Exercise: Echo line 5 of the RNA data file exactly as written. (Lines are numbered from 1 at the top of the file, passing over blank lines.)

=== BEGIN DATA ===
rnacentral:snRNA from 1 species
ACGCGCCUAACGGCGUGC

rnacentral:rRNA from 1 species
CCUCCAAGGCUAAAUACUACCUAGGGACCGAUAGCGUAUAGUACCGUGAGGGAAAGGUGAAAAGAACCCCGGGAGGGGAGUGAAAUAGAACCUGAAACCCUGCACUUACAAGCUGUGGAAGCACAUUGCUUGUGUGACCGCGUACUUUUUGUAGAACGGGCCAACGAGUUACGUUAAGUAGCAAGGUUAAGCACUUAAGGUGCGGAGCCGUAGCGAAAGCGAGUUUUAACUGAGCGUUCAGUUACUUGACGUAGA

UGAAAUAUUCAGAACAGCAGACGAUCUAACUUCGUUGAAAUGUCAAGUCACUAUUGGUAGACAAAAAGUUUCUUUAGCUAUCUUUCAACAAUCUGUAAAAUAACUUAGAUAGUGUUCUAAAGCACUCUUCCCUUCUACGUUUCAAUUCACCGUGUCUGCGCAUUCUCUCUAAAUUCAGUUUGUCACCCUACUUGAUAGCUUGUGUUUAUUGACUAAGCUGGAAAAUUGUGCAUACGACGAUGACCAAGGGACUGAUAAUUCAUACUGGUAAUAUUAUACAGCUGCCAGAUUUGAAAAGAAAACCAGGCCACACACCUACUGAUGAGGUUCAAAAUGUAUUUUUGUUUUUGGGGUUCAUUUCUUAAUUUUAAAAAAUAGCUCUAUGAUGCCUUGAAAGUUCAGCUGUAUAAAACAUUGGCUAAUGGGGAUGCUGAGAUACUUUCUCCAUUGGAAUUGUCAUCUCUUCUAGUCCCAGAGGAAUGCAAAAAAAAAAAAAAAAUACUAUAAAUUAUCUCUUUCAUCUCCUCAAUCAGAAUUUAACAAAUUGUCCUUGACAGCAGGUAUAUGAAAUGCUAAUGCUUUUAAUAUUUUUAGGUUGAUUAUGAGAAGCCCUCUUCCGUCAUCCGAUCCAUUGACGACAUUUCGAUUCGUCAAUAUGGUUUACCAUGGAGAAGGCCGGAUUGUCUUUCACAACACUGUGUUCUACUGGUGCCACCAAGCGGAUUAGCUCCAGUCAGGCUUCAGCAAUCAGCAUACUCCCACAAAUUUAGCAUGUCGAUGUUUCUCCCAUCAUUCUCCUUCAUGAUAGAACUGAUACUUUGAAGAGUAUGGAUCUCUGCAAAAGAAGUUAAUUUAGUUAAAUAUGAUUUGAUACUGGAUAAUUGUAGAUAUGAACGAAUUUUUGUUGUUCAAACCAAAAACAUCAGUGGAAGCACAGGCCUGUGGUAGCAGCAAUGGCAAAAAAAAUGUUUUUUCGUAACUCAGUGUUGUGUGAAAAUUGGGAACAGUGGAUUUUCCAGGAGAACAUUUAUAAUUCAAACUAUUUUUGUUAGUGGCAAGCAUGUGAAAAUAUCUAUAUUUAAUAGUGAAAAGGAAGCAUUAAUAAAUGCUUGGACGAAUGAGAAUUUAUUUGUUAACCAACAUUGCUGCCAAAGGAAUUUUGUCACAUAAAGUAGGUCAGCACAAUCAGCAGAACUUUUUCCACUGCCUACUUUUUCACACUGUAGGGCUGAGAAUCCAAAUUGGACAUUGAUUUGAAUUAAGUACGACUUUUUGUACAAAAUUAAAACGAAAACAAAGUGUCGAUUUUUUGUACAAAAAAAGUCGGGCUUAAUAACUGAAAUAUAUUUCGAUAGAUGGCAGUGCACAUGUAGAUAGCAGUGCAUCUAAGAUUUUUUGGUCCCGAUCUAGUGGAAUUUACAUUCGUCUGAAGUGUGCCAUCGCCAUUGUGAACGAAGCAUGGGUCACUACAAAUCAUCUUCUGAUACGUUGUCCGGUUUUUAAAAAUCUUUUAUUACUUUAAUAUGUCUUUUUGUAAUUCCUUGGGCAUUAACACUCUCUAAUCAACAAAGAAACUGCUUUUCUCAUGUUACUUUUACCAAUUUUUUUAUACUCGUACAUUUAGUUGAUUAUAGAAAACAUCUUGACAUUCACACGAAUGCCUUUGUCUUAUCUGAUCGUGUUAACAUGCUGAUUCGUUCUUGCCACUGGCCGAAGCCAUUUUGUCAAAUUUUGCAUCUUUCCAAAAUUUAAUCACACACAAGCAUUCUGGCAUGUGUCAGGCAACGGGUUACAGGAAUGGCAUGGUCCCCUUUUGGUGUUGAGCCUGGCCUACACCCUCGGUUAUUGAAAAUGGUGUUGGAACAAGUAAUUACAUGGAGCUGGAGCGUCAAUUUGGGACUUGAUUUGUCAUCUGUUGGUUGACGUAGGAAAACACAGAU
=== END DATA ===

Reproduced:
UGAAAUAUUCAGAACAGCAGACGAUCUAACUUCGUUGAAAUGUCAAGUCACUAUUGGUAGACAAAAAGUUUCUUUAGCUAUCUUUCAACAAUCUGUAAAAUAACUUAGAUAGUGUUCUAAAGCACUCUUCCCUUCUACGUUUCAAUUCACCGUGUCUGCGCAUUCUCUCUAAAUUCAGUUUGUCACCCUACUUGAUAGCUUGUGUUUAUUGACUAAGCUGGAAAAUUGUGCAUACGACGAUGACCAAGGGACUGAUAAUUCAUACUGGUAAUAUUAUACAGCUGCCAGAUUUGAAAAGAAAACCAGGCCACACACCUACUGAUGAGGUUCAAAAUGUAUUUUUGUUUUUGGGGUUCAUUUCUUAAUUUUAAAAAAUAGCUCUAUGAUGCCUUGAAAGUUCAGCUGUAUAAAACAUUGGCUAAUGGGGAUGCUGAGAUACUUUCUCCAUUGGAAUUGUCAUCUCUUCUAGUCCCAGAGGAAUGCAAAAAAAAAAAAAAAAUACUAUAAAUUAUCUCUUUCAUCUCCUCAAUCAGAAUUUAACAAAUUGUCCUUGACAGCAGGUAUAUGAAAUGCUAAUGCUUUUAAUAUUUUUAGGUUGAUUAUGAGAAGCCCUCUUCCGUCAUCCGAUCCAUUGACGACAUUUCGAUUCGUCAAUAUGGUUUACCAUGGAGAAGGCCGGAUUGUCUUUCACAACACUGUGUUCUACUGGUGCCACCAAGCGGAUUAGCUCCAGUCAGGCUUCAGCAAUCAGCAUACUCCCACAAAUUUAGCAUGUCGAUGUUUCUCCCAUCAUUCUCCUUCAUGAUAGAACUGAUACUUUGAAGAGUAUGGAUCUCUGCAAAAGAAGUUAAUUUAGUUAAAUAUGAUUUGAUACUGGAUAAUUGUAGAUAUGAACGAAUUUUUGUUGUUCAAACCAAAAACAUCAGUGGAAGCACAGGCCUGUGGUAGCAGCAAUGGCAAAAAAAAUGUUUUUUCGUAACUCAGUGUUGUGUGAAAAUUGGGAACAGUGGAUUUUCCAGGAGAACAUUUAUAAUUCAAACUAUUUUUGUUAGUGGCAAGCAUGUGAAAAUAUCUAUAUUUAAUAGUGAAAAGGAAGCAUUAAUAAAUGCUUGGACGAAUGAGAAUUUAUUUGUUAACCAACAUUGCUGCCAAAGGAAUUUUGUCACAUAAAGUAGGUCAGCACAAUCAGCAGAACUUUUUCCACUGCCUACUUUUUCACACUGUAGGGCUGAGAAUCCAAAUUGGACAUUGAUUUGAAUUAAGUACGACUUUUUGUACAAAAUUAAAACGAAAACAAAGUGUCGAUUUUUUGUACAAAAAAAGUCGGGCUUAAUAACUGAAAUAUAUUUCGAUAGAUGGCAGUGCACAUGUAGAUAGCAGUGCAUCUAAGAUUUUUUGGUCCCGAUCUAGUGGAAUUUACAUUCGUCUGAAGUGUGCCAUCGCCAUUGUGAACGAAGCAUGGGUCACUACAAAUCAUCUUCUGAUACGUUGUCCGGUUUUUAAAAAUCUUUUAUUACUUUAAUAUGUCUUUUUGUAAUUCCUUGGGCAUUAACACUCUCUAAUCAACAAAGAAACUGCUUUUCUCAUGUUACUUUUACCAAUUUUUUUAUACUCGUACAUUUAGUUGAUUAUAGAAAACAUCUUGACAUUCACACGAAUGCCUUUGUCUUAUCUGAUCGUGUUAACAUGCUGAUUCGUUCUUGCCACUGGCCGAAGCCAUUUUGUCAAAUUUUGCAUCUUUCCAAAAUUUAAUCACACACAAGCAUUCUGGCAUGUGUCAGGCAACGGGUUACAGGAAUGGCAUGGUCCCCUUUUGGUGUUGAGCCUGGCCUACACCCUCGGUUAUUGAAAAUGGUGUUGGAACAAGUAAUUACAUGGAGCUGGAGCGUCAAUUUGGGACUUGAUUUGUCAUCUGUUGGUUGACGUAGGAAAACACAGAU